Eshnar said:Stage 20: Feltre - Croce d'Aune (Monte Avena) 194 km
Saturday, June 1st
START TIME: 11.05 CEST
FINISH TIME: ~17.15 CEST
The final showdown has finally come. The stage with the highest potential of this Giro, a potential for either greatness or disappointment, as it is often the case with the last mountains stage of any edition. The stage starts in Feltre and finishes right above the town, on Monte Avena. In between, four GPMs and the last chance for the GC contenders to gain any serious amount of time, on a route that is almost identical to the Granfondo Sportful (except the finale). The first GPM starts just 8.5 km of flat roads after the start: Cima Campo (GPM2, 18.7 km at 5.9%) is a long and steady climb, almost always between 6% and 7% for the first 15 km. Its descent is narrow only in the first part and is quite straightforward, although it does feature a small ramp around halfway. It ends in the town of Scurelle, which also marks the beginning of the second climb of the day, the biggest one. One of the biggest of the whole edition, in fact. Passo Manghen (GPM1, 18.9 km at 7.6%) is a monstrous climb: the organisers have put the official start in Telve, where they also placed an intermediate sprint, but the climb actually starts 4 km before at a steady 5%. The first two thirds of this climb are very irregular, with two 2 km long 9% ramps in between three 5% sections. After them, however, its last third is much more regular, and also steeper, with 6.1 km at 10% average. Manghen is a very famous climb that has not been raced much in the Giro at all, and the last two times it was, in 2008 and 2012, it was far from the finish and saw little to no action. Today it's even further from the finish (116 km to go)... but unlike those two occasions, this time it is the last big climb of the stage and of the whole Giro. This is the last chance for those who need to gain more than, let's say, one minute and a half, so hopefully we will see some more action this time. The descent is very fast and narrow, and after it there is a small ramp of 3 km at 6-7% that leads to a flat section in the valley. This section is 15 km long and ends in Predazzo with the last intermediate sprint. Here, the road goes up again for the third GPM of the day, which is in fact a pass the riders have already partially climbed yesterday, albeit from the other side: Passo Rolle (GPM2, 20.6 km at 4.7%). From this side, it is easier, as its two main sections at little over 6% are divided by a false flat section of 7.3 km in the middle. At this point in the stage (and in the whole race), the riders should not underestimate any climb. The 6% sections of Rolle are more than enough to attack, if needed. The descent is long and very technical, and it could be another good place for an attack. At the bottom, however, there are 18 km of descending false flat down the valley, which admittedly are not ideal for attacking. The valley ends at 22 km to go, with the start of the penultimate climb (which was originally planned to be the last one), the Passo Croce D'Aune (GPM2, 11.1 km at 5.5%), which in terms of structure is a small version of Rolle: first ramp at 6.5%, the 4 km of false flat in the middle, then uphill again for the last part. This last section is much steeper than anywhere on Rolle though, with a solid 8.3% average and some short but very serious ramps (max 16%). Needless to say, that's another good place to attack, if you don't need a lot of time. The top of Croce D'Aune is at only 11 km to go, 4 of which are of descent. Up to here, the route is exactly the same as the Granfondo Sportful, to which it is inspired. The Granfondo would just go all the way down and return to Feltre... instead, the Giro goes up again to the finishing line of Monte Avena (GPM1, 6.9 km at 7.3%), a very solid but not particularly hard climb, that is GPM1 only because it is the MTF of the final mountain stage. So this is it. The last chance for the climbers. The TTers, however, still have one small chance tomorrow...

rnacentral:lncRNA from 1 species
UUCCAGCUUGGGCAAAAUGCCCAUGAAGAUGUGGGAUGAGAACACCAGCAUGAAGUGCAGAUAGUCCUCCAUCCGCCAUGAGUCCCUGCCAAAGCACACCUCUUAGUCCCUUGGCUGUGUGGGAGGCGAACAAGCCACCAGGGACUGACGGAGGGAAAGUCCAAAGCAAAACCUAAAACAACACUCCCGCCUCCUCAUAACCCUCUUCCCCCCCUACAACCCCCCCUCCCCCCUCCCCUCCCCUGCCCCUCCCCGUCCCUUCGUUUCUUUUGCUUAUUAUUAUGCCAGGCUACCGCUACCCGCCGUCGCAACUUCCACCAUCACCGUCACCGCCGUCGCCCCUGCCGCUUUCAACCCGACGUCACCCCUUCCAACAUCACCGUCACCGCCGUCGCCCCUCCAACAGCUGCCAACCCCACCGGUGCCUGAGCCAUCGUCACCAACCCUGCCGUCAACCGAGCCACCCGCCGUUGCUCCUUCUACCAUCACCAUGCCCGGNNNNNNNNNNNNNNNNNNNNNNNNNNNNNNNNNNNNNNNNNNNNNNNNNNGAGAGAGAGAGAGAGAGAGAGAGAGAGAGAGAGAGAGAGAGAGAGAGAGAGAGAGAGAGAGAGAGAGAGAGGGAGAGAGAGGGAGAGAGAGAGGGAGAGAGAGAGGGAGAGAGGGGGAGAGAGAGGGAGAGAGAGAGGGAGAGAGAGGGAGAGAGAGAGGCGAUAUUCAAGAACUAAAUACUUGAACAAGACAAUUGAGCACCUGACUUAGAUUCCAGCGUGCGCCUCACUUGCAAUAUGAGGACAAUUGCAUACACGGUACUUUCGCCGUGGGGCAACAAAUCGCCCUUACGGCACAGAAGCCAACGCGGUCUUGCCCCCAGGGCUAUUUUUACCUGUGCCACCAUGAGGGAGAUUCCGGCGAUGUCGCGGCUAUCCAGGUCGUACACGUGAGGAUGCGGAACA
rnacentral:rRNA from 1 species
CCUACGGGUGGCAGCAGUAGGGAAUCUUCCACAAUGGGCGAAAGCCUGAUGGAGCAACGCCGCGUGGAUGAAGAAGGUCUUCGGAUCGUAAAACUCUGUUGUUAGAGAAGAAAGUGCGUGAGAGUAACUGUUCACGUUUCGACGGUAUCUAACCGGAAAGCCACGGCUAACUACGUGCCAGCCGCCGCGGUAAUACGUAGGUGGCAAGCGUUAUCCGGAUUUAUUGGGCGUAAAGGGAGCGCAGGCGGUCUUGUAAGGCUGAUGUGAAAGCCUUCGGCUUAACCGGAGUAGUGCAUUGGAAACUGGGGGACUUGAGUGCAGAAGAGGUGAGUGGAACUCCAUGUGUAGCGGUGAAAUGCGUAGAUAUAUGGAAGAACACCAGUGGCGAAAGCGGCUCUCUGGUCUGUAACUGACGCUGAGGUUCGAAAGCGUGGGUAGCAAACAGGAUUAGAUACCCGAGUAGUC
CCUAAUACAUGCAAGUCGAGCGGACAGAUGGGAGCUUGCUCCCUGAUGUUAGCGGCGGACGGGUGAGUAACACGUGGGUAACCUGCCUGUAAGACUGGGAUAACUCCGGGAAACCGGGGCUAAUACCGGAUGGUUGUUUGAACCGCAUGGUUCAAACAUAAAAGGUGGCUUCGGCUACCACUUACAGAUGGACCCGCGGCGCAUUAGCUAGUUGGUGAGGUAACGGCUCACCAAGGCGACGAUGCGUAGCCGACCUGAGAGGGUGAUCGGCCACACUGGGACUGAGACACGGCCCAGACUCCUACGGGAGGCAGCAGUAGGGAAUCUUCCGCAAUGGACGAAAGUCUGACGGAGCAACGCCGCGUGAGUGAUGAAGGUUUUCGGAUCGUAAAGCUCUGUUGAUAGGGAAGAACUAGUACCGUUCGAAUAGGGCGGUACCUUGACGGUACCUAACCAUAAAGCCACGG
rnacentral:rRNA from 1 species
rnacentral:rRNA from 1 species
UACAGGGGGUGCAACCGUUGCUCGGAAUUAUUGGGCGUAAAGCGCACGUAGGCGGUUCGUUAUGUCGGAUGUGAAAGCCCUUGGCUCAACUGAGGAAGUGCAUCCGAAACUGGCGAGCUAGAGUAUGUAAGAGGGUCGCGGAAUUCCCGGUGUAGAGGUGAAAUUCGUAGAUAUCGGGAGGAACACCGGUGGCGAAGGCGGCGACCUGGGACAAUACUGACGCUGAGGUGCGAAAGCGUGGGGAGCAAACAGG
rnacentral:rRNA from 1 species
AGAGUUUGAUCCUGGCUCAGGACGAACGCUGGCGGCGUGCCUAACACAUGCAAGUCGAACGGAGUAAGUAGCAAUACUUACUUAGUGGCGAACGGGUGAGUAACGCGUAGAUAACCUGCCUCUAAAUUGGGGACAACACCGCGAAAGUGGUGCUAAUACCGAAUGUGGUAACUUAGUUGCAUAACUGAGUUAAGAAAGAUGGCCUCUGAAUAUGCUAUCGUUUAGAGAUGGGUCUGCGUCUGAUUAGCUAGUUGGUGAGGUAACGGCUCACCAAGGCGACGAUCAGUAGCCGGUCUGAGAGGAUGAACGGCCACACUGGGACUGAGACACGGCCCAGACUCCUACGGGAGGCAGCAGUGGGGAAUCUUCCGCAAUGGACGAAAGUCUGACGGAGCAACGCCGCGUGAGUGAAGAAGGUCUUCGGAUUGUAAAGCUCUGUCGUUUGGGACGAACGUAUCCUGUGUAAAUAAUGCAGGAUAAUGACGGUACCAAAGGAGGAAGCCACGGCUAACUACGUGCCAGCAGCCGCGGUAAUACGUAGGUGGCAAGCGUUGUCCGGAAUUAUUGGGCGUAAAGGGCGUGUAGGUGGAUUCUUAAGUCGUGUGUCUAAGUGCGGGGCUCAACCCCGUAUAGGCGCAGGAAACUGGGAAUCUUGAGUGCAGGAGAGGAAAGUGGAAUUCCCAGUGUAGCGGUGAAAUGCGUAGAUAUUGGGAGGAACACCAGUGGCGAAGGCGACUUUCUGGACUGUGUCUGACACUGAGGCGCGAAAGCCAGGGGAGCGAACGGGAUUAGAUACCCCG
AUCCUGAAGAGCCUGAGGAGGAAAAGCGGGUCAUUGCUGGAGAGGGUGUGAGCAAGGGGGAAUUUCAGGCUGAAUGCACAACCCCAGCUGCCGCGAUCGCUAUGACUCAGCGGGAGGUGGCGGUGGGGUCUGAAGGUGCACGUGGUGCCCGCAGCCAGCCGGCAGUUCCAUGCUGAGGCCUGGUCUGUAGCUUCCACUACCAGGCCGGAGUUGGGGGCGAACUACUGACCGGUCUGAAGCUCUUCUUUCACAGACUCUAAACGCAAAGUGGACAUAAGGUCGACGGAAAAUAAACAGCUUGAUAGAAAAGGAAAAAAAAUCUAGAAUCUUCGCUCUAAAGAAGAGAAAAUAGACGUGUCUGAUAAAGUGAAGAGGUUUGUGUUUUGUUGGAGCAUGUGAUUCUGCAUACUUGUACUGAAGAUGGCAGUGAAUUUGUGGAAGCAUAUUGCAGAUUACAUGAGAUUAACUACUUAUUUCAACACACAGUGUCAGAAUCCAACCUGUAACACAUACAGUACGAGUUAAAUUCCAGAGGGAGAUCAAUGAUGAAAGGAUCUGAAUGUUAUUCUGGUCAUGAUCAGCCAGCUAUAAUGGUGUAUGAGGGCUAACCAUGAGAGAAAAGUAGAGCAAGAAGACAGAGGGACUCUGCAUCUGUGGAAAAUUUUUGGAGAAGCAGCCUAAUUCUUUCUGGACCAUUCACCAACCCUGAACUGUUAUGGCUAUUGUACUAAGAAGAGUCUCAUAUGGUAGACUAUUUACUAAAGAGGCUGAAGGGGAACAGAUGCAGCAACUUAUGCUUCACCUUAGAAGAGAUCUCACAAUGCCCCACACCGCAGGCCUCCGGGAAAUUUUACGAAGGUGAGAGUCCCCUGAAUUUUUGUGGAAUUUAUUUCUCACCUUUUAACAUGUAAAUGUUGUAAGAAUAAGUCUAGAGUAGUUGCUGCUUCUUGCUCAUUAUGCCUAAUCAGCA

Cima Campo, GPM2, 18.7 km at 5.9%
Long and steady climb, with some false flat at the top.
Passo Manghen, GPM1, 18.9 km at 7.6%
The last monster of this Giro, with its last 6 km at 10%.
Passo Rolle, GPM2, 20.6 km at 4.7%
The first Dolomite. From this side it's not much, but it still has some decent ramps in the first and last sections.
Passo Croce D'Aune, GPM2, 11.1 km at 5.5%
Not particularly hard, but it does have a tough final section, which should be the last spot available to launch an attack of any ambition.
Monte Avena, GPM1, 6.9 km at 7.3%
See final km profile. A good climb, consistently between 6%-8%.
What to expect:
As with all final mountain stages, it depends on the GC situation. If it is done and dusted, expect nothing before Croce d'Aune. Same if it is too close. BUT if it is on that sweet spot of a fading leader with 2-3 minutes of advantage to an opponent on the rise... why not dream. A solo attack on Manghen is out of the question (...I think), but any decent pace there will isolate any leader that does not have the strongest team. Very important will also be the break of the day on Cima Campo: attacking on Manghen is totally possible if the goal is to connect with your teammates in the breakaway. In case there is only good pace on Manghen, a solo attack is maybe possible on Rolle, if the leader is isolated and weakened. Or maybe a small group of 2-3 contenders might get away. If nothing happens there, the last chance for a somewhat long attack would be Croce d'Aune, but it is not gonna give you a lot of time, unless the leader cracks completely.
In the last 3 editions of the Giro, the pink jersey has changed a total of five times in the last three stages of the race. That is, 5 stages out of 9 have seen a change of leader at the end of the Giro, more than half of them. Is this year going to keep up with the trend?
The Dolomites seen from Passo Rolle